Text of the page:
Neon Indian – ‘VEGA INTL. Night School’ (ALBUM REVIEW)

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Alan Palomo, the man behind Neon Indian, struck chillwave gold with his first two albums, Psychic Chasms and Era Extrana.  Unfortunately, these classics are now juxtaposed to the erratic, disjointed sounds and cochlear trauma exacted by his latest release, Vega Intl. Night School. Neon Indian fans are in for a shock when they plow through the eagerly anticipated new album searching in vain for a vestige of what they once knew as Neon Indian, only to realize that this musical desert has substituted gimmicky beats and sound effects for the recognizable chilled electro from which Neon Indian grew popular from.

Neon Indian was the indie darling of 2009. They exploded on the pop-electro scene after songs off Psychic Chasms,  like “Deadbeat Summer” and “Should Have Taken Acid With You”, found immediate popularity on social media, the blogosphere, and eventually mainstream radio. The band became a pillar of the chillwave sound that was peaking in popularity at the time, and their humorous lyrics and laissez-faire sound mixing was endearing more than it was detracting. While many criticized the quality of their sophomore album, Era Extrana, others found it held up well and established a rabid affinity for tracks like “Polish Girl” and “Hex Girlfriend”, which played on repeat.

What happened to the music after Era Extrana is unclear, but Vega Intl Night School is undoubtedly a drastic shift in Neon Indian’s sound, aesthetic, and ethos even. The lackadaisical, shimmering synths with sun-drenched beats of the past have been warped into nonsensical, balearic garbage. The carefree vagabond aura of someone who didn’t expect to ‘make it’ now sounds like a manufactured, hyper-attentive tribute to themselves. Neon Indian’s music still feels druggy, but instead of a mellow pot or acid psychedelic influence, the erratic and grating effects of meth or bath salts might be more appropriate.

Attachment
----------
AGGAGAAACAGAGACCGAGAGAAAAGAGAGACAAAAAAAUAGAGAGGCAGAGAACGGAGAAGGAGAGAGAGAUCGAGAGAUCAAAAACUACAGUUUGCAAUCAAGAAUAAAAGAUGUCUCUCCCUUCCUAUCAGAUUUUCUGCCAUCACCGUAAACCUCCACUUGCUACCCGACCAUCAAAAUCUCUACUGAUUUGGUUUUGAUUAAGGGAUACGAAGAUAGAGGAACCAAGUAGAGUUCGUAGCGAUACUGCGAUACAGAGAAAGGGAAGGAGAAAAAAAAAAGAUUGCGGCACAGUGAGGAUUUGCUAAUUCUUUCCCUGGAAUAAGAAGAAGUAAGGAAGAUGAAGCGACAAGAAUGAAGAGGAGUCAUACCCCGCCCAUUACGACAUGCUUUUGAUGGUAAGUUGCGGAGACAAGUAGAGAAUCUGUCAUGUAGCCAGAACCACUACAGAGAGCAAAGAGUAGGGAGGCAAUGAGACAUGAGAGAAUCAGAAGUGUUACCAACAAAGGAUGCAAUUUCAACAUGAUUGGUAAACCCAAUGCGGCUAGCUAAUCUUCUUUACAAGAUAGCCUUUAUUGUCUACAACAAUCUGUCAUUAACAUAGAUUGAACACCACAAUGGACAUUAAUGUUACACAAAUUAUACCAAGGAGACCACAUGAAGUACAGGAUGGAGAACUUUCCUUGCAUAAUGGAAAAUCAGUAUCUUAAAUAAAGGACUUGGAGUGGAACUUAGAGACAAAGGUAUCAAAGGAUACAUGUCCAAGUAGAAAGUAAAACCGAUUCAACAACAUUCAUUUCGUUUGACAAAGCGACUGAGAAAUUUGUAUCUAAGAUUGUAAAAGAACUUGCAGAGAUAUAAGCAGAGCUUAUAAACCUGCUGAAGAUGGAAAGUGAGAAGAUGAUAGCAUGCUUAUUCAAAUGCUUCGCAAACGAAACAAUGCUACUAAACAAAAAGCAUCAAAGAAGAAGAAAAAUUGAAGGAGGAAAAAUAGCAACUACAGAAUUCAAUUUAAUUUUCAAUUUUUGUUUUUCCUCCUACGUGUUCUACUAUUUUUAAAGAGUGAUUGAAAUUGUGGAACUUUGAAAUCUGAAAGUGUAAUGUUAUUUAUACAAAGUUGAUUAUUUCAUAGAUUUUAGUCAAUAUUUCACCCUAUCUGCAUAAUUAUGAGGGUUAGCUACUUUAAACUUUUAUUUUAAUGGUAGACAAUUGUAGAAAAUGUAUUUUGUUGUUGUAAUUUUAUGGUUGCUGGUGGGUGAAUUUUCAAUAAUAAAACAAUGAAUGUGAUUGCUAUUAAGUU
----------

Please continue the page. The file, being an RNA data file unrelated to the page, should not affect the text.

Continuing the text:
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There are 14 songs on the album and, regrettably, only two, “Annie” and “Slumlord”, are marginally listenable. Even these two might have just made good filler on any previous Neon Indian album. There are moments of hope where a certain hook emerges amidst the disjointed noise and you latch on with the hope that Neon Indian’s previous brilliance might emerge, but alas it never does.

The album begins with “Annie” which has a generic tropicalia vibe that would do well playing in the background of a Billabong or Pac Sun clothing store, but after hearing what follows, you might as well consider it the “Bohemian Rhapsody” of the album.

Tracks like “Street Level”, “Smut”, and “Bozo” are heavily layered in abstruse and arbitrary noise that one can hardly discern any structure to them. With bleeps and bloops and random sound bytes, you would find a better chorus in an avant-garde, experimental college radio band.

“Slumlord” proves to be an oasis and it’s the first song where Palomo doesn’t throw the whole kitchen sink of sound effects at you within the first ten seconds. This song has an appealing synth build to it and it’s not hard to see why it was selected as a single, although it could also be lack of options.

Songs like “Glitsy”, “Dear Skorpio Magazine”, and “Techno Clique” have a heavy retro sound that would be more appropriate in a cheesy 80s sitcom. Palomo takes a shot at some grandiose vocals but it’s too hard to take him seriously when a carnival of clownish and whacky sounds proliferate in the background.

There is no wink at the end of the album, the tracks are similarly terrible all the way through. While you can respect any artist who ventures outside of what is expected of them, this is an album that is almost comical in how unlistenable it is. Vega Intl. Night School might be a nod towards EDM culture with its impetuous sampling and cacophonous overtones, but at least EDM has an expectant drop to look forward too.  Much of this album sounds like Musical Youth on bath salts, and as a Neon Indian fan, it is easier for me to just excise this album from my memory and hope that it is just a growing pain, a necessary evil, for Neon Indian to continue testing their boundaries before they find themselves again.

 

NPR First Listen is streaming the album now: 

Lee Ackerley can be found at SlackerLee.com

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